Birmingham’s Essential Entertainment Guide
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Located on Wharfside within Mailbox Birmingham is one of twenty-five Everyman Cinema sites. City wide, there are a large number of cinemas consisting of predominantly large complexes such as Cineworld, Odeon or Vue. Everyman is smaller-scale boasting only three screens, but what sets it apart is their food/drink service and the luxurious seating inside the screens, allowing you to enjoy your film in a heightened level of comfort.
Along with showing the newest blockbusters, Everyman also screens event cinema such as National Theatre Live, bringing the best of British theatre to audiences worldwide. Last night saw the West End production of Joseph L Mankiewicz’s All About Eve (starring Gillian Anderson and Lily James) broadcast live to the cinema and I was happy to be in attendance.
The pricing of tickets to attend a film at Everyman is slightly more than the norm, however this is justified in the overall experience that the venue offers. We arrived approximately one hour before the screening was due to start and were greeted promptly by a very friendly member of staff.
We took a seat in the classy lounge/bar area in the foyer. Upon browsing the food and drink menu, we were drawn to the wittily named ‘Spielburgers’ and opted for the house burger with truffle fries and chicken burger with sweet potato fries; washed down with an Everyman G&T.
The food was served fairly swiftly and you could immediately tell that it had been cooked fresh. The chicken burger had a spice rub on it but the delicious house sauce overpowered this. The truffle fries were stunning but the sweet potato fries could have been crispier as a personal preference. At £11 per burger, this was probably teetering on the top end of what I would have been happy to pay; based on the meal I received. Small details such as the sauces being served in cardboard pots immediately cheapened the meal and you wouldn’t expect this in such an opulent setting. However, this could be easily rectified.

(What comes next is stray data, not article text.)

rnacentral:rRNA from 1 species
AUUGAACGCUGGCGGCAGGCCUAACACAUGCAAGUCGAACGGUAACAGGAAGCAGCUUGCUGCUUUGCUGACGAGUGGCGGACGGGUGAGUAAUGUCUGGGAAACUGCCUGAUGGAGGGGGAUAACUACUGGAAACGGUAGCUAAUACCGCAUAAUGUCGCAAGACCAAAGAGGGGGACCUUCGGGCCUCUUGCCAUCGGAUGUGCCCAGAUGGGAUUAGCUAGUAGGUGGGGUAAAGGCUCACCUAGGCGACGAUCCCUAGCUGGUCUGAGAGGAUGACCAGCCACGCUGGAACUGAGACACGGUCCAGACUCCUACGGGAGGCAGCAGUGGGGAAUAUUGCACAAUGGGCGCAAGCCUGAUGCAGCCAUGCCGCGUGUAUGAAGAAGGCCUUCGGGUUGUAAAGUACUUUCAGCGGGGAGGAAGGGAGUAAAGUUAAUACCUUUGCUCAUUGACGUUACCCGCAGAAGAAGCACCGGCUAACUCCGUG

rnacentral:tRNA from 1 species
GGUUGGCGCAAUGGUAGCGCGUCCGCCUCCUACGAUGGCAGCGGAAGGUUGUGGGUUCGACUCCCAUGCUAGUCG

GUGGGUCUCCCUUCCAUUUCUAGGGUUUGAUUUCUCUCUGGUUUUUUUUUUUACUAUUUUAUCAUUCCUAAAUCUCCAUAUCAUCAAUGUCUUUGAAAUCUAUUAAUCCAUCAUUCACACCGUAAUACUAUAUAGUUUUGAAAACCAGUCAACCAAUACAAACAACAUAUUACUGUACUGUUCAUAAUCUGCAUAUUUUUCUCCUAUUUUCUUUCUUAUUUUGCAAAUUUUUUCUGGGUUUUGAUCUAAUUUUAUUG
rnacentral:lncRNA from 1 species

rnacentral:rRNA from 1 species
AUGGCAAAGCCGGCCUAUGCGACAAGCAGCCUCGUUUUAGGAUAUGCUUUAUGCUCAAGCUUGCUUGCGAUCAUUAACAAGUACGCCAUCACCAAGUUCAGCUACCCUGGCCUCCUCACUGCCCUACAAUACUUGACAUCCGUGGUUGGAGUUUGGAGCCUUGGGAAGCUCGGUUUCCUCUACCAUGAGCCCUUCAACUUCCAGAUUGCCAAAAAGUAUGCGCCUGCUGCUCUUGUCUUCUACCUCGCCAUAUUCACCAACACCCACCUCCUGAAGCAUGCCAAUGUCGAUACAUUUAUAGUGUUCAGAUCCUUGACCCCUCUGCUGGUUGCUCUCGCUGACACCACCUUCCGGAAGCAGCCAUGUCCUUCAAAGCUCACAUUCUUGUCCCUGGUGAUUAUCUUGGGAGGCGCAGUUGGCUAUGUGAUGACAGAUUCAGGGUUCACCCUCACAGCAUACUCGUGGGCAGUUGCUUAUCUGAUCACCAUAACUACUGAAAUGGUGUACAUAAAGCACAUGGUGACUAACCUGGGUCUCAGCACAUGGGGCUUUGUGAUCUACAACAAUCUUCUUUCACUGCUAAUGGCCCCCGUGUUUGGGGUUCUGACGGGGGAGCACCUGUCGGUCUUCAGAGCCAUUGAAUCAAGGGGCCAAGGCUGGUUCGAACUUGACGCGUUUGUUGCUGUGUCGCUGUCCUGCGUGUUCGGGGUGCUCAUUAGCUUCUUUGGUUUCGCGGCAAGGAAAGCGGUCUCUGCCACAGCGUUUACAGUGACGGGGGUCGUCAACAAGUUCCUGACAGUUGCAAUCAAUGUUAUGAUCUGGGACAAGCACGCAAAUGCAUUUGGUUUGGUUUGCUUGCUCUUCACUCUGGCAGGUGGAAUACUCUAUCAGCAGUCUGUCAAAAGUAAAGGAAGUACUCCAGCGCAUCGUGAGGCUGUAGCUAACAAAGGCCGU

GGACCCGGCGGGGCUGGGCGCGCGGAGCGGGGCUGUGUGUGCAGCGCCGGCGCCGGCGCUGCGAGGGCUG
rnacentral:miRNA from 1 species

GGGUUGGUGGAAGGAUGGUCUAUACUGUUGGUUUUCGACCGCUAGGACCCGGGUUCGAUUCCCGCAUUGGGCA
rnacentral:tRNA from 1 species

The signature sofa seating complete with cushions, side tables and footrests within the screens are the venue’s greatest selling point. Prior to the broadcast, staff are in and out delivering food and drink to people already in their seats. This service ceases when the broadcast begins so as not to disturb other viewers. Also, I wouldn’t risk eating a burger in the dark – particularly on the plush upholstery! The gourmet snacks offered in rustle-free packing are more than acceptable though; including cashew nuts, wasabi peas and honeycomb bites.
The screen was packed out for last night’s NT Live screening, proving that event cinema is as popular as it was when the fantastic initiative was launched a decade ago. A stage show on screen is never going to compete with seeing it live but at a fraction of the cost, it is a great alternative. Also, the professional filming allows you to appreciate the production in a way that you might not be able to, watching from the theatre’s balcony level.
Ivo Van Hove’s direction and the unusual inside-out set design by Jan Versweyveld are captured exquisitely. In addition to a large living area, there are also kitchen and bathroom spaces somewhat shielded from the audience in live view, but are instead captured by roaming camera operators. There is no escape for the actors and this additional filming adds to the characters’ vulnerabilities.
It’s interesting because two hours straight through with no interval seemed a fairly long time but you wouldn’t think this of a two-hour film. A nice treat upon exiting the screen was being given a miniature Green and Blacks chocolate – a lovely touch that ends the exclusive night out appropriately.
Everyman makes going to the cinema more of an occasion and I look forward to returning.
**** Four stars
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